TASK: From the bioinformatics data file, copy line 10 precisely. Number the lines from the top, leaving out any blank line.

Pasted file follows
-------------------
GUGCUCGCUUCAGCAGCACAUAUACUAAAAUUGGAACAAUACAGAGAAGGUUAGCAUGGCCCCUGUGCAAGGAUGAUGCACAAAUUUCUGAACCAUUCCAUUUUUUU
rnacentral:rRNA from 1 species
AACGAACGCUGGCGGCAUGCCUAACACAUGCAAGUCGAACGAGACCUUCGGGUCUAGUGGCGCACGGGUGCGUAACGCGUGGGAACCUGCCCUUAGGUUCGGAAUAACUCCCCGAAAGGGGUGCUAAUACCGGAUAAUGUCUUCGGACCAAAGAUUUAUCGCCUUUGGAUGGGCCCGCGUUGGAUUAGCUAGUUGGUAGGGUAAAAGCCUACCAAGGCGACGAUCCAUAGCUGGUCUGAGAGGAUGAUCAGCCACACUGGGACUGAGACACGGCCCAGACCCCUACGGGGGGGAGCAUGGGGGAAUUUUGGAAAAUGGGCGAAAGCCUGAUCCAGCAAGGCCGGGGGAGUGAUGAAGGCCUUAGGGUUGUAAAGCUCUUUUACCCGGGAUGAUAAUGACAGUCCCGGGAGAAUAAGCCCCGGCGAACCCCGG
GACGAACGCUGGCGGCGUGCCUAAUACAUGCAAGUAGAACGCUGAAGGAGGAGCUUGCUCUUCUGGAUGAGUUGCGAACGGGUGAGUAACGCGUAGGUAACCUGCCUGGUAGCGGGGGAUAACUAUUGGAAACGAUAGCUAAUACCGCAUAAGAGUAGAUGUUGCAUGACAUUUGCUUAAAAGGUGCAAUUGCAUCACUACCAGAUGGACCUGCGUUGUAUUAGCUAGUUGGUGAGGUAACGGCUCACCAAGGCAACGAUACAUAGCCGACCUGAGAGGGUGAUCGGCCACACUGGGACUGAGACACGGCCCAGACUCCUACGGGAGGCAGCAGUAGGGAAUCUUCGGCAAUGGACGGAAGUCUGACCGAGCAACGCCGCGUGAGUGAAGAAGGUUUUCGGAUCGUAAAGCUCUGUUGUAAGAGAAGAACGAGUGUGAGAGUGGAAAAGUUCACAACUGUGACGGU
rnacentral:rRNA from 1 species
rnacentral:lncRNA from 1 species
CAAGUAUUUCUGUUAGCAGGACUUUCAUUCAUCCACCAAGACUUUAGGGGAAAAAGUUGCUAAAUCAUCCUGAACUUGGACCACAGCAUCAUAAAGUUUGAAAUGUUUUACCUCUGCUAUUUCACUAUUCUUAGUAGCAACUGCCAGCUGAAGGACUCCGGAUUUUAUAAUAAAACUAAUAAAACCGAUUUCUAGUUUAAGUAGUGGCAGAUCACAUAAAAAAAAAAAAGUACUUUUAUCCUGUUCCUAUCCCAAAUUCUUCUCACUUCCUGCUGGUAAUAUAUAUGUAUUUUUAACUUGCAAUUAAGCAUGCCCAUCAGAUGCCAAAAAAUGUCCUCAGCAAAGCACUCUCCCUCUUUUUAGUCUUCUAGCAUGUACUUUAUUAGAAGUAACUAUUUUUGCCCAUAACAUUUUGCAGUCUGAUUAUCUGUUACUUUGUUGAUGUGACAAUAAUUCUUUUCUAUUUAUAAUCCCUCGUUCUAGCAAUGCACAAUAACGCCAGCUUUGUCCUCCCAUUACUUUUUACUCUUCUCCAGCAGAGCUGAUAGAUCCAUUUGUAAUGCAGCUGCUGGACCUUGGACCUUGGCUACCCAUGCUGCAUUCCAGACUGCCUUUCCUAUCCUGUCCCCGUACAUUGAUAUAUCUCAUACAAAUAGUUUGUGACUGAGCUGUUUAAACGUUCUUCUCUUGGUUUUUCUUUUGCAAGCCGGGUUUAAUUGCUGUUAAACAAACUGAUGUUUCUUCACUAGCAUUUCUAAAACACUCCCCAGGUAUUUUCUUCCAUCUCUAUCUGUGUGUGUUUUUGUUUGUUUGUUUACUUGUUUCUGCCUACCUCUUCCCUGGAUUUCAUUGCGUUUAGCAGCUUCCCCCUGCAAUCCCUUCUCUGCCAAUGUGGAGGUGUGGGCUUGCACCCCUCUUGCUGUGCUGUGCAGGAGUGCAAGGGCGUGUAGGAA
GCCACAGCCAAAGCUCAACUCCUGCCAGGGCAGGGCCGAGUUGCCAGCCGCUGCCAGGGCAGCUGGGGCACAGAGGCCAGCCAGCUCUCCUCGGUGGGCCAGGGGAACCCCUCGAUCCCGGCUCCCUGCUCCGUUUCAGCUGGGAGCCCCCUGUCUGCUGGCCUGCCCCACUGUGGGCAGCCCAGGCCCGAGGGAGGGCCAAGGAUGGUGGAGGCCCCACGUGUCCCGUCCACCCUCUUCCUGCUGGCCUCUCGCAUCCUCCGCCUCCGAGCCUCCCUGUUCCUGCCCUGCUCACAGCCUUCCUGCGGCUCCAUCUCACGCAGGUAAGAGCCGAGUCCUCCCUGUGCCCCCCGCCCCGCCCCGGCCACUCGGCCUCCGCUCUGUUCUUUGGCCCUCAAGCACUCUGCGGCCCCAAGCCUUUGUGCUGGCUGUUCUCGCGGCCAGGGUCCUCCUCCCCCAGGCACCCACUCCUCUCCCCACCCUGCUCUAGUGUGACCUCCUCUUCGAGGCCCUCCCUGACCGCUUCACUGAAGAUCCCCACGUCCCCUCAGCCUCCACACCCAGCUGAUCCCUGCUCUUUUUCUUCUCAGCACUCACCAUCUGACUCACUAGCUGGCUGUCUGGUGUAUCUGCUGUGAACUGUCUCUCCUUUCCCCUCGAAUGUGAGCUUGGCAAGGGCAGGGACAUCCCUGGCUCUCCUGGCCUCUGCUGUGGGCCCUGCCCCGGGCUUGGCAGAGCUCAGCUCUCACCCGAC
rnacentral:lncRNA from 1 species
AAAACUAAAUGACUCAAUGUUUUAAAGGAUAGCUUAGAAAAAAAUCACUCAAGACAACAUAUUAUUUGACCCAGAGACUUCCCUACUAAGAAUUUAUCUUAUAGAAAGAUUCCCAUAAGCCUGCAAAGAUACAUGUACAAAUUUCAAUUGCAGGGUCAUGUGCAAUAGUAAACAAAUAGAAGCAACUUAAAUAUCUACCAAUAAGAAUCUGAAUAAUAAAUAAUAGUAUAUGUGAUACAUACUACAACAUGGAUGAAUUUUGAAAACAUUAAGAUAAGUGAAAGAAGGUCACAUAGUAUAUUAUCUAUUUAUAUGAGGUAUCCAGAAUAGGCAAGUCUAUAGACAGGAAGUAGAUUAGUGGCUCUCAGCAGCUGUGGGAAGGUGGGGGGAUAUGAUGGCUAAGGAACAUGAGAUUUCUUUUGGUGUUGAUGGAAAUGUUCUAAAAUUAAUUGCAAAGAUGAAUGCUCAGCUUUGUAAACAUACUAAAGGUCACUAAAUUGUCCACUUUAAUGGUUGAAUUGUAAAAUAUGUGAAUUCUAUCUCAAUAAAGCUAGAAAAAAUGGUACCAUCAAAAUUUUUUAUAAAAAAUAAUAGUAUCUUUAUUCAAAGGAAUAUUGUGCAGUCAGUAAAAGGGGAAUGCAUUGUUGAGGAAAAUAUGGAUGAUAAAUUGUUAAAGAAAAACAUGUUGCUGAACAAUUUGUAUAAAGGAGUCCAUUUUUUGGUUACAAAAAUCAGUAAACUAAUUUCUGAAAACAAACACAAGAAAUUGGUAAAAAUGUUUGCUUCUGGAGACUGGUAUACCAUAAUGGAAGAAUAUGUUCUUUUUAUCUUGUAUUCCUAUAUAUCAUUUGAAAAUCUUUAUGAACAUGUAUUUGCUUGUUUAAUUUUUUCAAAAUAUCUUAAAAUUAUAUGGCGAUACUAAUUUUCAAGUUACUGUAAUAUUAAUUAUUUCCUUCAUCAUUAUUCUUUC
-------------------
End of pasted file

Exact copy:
AAAACUAAAUGACUCAAUGUUUUAAAGGAUAGCUUAGAAAAAAAUCACUCAAGACAACAUAUUAUUUGACCCAGAGACUUCCCUACUAAGAAUUUAUCUUAUAGAAAGAUUCCCAUAAGCCUGCAAAGAUACAUGUACAAAUUUCAAUUGCAGGGUCAUGUGCAAUAGUAAACAAAUAGAAGCAACUUAAAUAUCUACCAAUAAGAAUCUGAAUAAUAAAUAAUAGUAUAUGUGAUACAUACUACAACAUGGAUGAAUUUUGAAAACAUUAAGAUAAGUGAAAGAAGGUCACAUAGUAUAUUAUCUAUUUAUAUGAGGUAUCCAGAAUAGGCAAGUCUAUAGACAGGAAGUAGAUUAGUGGCUCUCAGCAGCUGUGGGAAGGUGGGGGGAUAUGAUGGCUAAGGAACAUGAGAUUUCUUUUGGUGUUGAUGGAAAUGUUCUAAAAUUAAUUGCAAAGAUGAAUGCUCAGCUUUGUAAACAUACUAAAGGUCACUAAAUUGUCCACUUUAAUGGUUGAAUUGUAAAAUAUGUGAAUUCUAUCUCAAUAAAGCUAGAAAAAAUGGUACCAUCAAAAUUUUUUAUAAAAAAUAAUAGUAUCUUUAUUCAAAGGAAUAUUGUGCAGUCAGUAAAAGGGGAAUGCAUUGUUGAGGAAAAUAUGGAUGAUAAAUUGUUAAAGAAAAACAUGUUGCUGAACAAUUUGUAUAAAGGAGUCCAUUUUUUGGUUACAAAAAUCAGUAAACUAAUUUCUGAAAACAAACACAAGAAAUUGGUAAAAAUGUUUGCUUCUGGAGACUGGUAUACCAUAAUGGAAGAAUAUGUUCUUUUUAUCUUGUAUUCCUAUAUAUCAUUUGAAAAUCUUUAUGAACAUGUAUUUGCUUGUUUAAUUUUUUCAAAAUAUCUUAAAAUUAUAUGGCGAUACUAAUUUUCAAGUUACUGUAAUAUUAAUUAUUUCCUUCAUCAUUAUUCUUUC